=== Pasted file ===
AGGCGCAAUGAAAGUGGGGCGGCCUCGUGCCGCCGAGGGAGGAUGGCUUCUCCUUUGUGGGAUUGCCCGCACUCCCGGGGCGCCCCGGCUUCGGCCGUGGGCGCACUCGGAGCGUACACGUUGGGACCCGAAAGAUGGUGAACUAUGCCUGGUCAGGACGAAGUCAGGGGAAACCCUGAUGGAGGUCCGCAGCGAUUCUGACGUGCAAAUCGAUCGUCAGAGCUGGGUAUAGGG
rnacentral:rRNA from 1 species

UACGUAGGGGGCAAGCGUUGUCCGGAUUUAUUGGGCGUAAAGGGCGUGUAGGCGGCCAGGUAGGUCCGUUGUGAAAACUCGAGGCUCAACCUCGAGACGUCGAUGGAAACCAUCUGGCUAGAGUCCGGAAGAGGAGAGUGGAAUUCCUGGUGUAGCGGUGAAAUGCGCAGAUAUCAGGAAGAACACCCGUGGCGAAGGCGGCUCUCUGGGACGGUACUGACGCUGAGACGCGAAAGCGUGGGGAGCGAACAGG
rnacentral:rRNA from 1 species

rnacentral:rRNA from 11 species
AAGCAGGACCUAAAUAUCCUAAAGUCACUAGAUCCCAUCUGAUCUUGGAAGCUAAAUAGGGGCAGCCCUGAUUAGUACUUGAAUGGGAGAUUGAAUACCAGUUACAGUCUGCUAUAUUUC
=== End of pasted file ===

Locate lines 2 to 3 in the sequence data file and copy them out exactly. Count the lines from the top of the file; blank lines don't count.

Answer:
rnacentral:rRNA from 1 species

UACGUAGGGGGCAAGCGUUGUCCGGAUUUAUUGGGCGUAAAGGGCGUGUAGGCGGCCAGGUAGGUCCGUUGUGAAAACUCGAGGCUCAACCUCGAGACGUCGAUGGAAACCAUCUGGCUAGAGUCCGGAAGAGGAGAGUGGAAUUCCUGGUGUAGCGGUGAAAUGCGCAGAUAUCAGGAAGAACACCCGUGGCGAAGGCGGCUCUCUGGGACGGUACUGACGCUGAGACGCGAAAGCGUGGGGAGCGAACAGG